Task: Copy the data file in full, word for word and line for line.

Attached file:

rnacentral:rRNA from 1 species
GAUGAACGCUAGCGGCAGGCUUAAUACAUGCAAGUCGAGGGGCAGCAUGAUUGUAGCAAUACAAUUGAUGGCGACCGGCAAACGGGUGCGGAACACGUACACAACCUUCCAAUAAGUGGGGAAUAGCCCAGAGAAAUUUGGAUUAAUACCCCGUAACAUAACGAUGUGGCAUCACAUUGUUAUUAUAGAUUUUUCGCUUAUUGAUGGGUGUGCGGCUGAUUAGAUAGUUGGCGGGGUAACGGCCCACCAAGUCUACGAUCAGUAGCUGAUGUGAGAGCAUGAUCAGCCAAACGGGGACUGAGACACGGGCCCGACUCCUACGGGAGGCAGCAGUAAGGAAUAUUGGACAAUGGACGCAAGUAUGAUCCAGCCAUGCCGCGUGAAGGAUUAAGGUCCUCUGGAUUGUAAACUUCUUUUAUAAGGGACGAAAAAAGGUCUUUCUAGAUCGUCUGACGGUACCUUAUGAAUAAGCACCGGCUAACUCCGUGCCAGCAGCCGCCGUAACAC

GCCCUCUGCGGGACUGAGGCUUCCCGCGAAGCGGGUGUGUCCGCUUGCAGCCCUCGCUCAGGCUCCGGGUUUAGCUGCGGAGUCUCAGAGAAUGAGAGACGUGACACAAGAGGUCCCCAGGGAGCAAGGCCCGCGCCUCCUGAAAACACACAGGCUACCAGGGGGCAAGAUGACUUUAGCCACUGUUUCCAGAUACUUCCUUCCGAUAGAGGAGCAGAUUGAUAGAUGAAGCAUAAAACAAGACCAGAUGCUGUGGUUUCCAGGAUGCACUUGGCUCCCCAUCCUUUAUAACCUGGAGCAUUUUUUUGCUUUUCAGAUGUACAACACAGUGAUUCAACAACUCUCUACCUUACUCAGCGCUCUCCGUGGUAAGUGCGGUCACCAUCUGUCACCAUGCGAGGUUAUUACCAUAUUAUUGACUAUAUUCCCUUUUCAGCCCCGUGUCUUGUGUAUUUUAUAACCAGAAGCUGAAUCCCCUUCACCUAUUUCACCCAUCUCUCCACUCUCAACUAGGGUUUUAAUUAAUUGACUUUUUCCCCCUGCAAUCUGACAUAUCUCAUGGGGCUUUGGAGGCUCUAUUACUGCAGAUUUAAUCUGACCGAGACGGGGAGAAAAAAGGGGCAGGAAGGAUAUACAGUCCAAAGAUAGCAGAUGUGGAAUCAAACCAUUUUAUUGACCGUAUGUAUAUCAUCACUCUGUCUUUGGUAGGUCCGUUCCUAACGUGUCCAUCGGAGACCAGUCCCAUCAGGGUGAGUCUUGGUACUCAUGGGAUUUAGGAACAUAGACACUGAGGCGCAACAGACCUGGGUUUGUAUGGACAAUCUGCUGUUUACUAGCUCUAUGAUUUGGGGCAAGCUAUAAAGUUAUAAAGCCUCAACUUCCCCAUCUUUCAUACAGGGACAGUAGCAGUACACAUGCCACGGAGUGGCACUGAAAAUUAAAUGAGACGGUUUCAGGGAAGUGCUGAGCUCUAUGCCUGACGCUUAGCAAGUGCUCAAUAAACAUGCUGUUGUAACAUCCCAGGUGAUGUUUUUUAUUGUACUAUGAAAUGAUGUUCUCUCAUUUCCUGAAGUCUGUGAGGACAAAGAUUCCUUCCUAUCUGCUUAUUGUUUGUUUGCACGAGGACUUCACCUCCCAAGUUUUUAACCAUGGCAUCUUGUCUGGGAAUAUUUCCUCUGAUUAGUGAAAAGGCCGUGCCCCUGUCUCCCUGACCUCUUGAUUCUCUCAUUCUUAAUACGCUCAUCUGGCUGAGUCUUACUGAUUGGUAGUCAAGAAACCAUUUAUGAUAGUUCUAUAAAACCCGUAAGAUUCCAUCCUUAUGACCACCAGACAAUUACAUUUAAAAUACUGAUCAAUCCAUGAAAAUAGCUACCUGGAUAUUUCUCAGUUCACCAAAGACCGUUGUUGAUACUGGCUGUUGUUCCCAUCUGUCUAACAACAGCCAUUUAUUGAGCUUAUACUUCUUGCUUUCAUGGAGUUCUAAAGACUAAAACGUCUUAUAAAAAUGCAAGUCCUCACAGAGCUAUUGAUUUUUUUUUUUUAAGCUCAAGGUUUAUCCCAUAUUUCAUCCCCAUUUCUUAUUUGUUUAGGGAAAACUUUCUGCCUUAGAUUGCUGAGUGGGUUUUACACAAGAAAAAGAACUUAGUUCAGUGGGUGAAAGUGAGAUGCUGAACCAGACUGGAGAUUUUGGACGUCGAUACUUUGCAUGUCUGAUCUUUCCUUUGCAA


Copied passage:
rnacentral:rRNA from 1 species
GAUGAACGCUAGCGGCAGGCUUAAUACAUGCAAGUCGAGGGGCAGCAUGAUUGUAGCAAUACAAUUGAUGGCGACCGGCAAACGGGUGCGGAACACGUACACAACCUUCCAAUAAGUGGGGAAUAGCCCAGAGAAAUUUGGAUUAAUACCCCGUAACAUAACGAUGUGGCAUCACAUUGUUAUUAUAGAUUUUUCGCUUAUUGAUGGGUGUGCGGCUGAUUAGAUAGUUGGCGGGGUAACGGCCCACCAAGUCUACGAUCAGUAGCUGAUGUGAGAGCAUGAUCAGCCAAACGGGGACUGAGACACGGGCCCGACUCCUACGGGAGGCAGCAGUAAGGAAUAUUGGACAAUGGACGCAAGUAUGAUCCAGCCAUGCCGCGUGAAGGAUUAAGGUCCUCUGGAUUGUAAACUUCUUUUAUAAGGGACGAAAAAAGGUCUUUCUAGAUCGUCUGACGGUACCUUAUGAAUAAGCACCGGCUAACUCCGUGCCAGCAGCCGCCGUAACAC

GCCCUCUGCGGGACUGAGGCUUCCCGCGAAGCGGGUGUGUCCGCUUGCAGCCCUCGCUCAGGCUCCGGGUUUAGCUGCGGAGUCUCAGAGAAUGAGAGACGUGACACAAGAGGUCCCCAGGGAGCAAGGCCCGCGCCUCCUGAAAACACACAGGCUACCAGGGGGCAAGAUGACUUUAGCCACUGUUUCCAGAUACUUCCUUCCGAUAGAGGAGCAGAUUGAUAGAUGAAGCAUAAAACAAGACCAGAUGCUGUGGUUUCCAGGAUGCACUUGGCUCCCCAUCCUUUAUAACCUGGAGCAUUUUUUUGCUUUUCAGAUGUACAACACAGUGAUUCAACAACUCUCUACCUUACUCAGCGCUCUCCGUGGUAAGUGCGGUCACCAUCUGUCACCAUGCGAGGUUAUUACCAUAUUAUUGACUAUAUUCCCUUUUCAGCCCCGUGUCUUGUGUAUUUUAUAACCAGAAGCUGAAUCCCCUUCACCUAUUUCACCCAUCUCUCCACUCUCAACUAGGGUUUUAAUUAAUUGACUUUUUCCCCCUGCAAUCUGACAUAUCUCAUGGGGCUUUGGAGGCUCUAUUACUGCAGAUUUAAUCUGACCGAGACGGGGAGAAAAAAGGGGCAGGAAGGAUAUACAGUCCAAAGAUAGCAGAUGUGGAAUCAAACCAUUUUAUUGACCGUAUGUAUAUCAUCACUCUGUCUUUGGUAGGUCCGUUCCUAACGUGUCCAUCGGAGACCAGUCCCAUCAGGGUGAGUCUUGGUACUCAUGGGAUUUAGGAACAUAGACACUGAGGCGCAACAGACCUGGGUUUGUAUGGACAAUCUGCUGUUUACUAGCUCUAUGAUUUGGGGCAAGCUAUAAAGUUAUAAAGCCUCAACUUCCCCAUCUUUCAUACAGGGACAGUAGCAGUACACAUGCCACGGAGUGGCACUGAAAAUUAAAUGAGACGGUUUCAGGGAAGUGCUGAGCUCUAUGCCUGACGCUUAGCAAGUGCUCAAUAAACAUGCUGUUGUAACAUCCCAGGUGAUGUUUUUUAUUGUACUAUGAAAUGAUGUUCUCUCAUUUCCUGAAGUCUGUGAGGACAAAGAUUCCUUCCUAUCUGCUUAUUGUUUGUUUGCACGAGGACUUCACCUCCCAAGUUUUUAACCAUGGCAUCUUGUCUGGGAAUAUUUCCUCUGAUUAGUGAAAAGGCCGUGCCCCUGUCUCCCUGACCUCUUGAUUCUCUCAUUCUUAAUACGCUCAUCUGGCUGAGUCUUACUGAUUGGUAGUCAAGAAACCAUUUAUGAUAGUUCUAUAAAACCCGUAAGAUUCCAUCCUUAUGACCACCAGACAAUUACAUUUAAAAUACUGAUCAAUCCAUGAAAAUAGCUACCUGGAUAUUUCUCAGUUCACCAAAGACCGUUGUUGAUACUGGCUGUUGUUCCCAUCUGUCUAACAACAGCCAUUUAUUGAGCUUAUACUUCUUGCUUUCAUGGAGUUCUAAAGACUAAAACGUCUUAUAAAAAUGCAAGUCCUCACAGAGCUAUUGAUUUUUUUUUUUUAAGCUCAAGGUUUAUCCCAUAUUUCAUCCCCAUUUCUUAUUUGUUUAGGGAAAACUUUCUGCCUUAGAUUGCUGAGUGGGUUUUACACAAGAAAAAGAACUUAGUUCAGUGGGUGAAAGUGAGAUGCUGAACCAGACUGGAGAUUUUGGACGUCGAUACUUUGCAUGUCUGAUCUUUCCUUUGCAA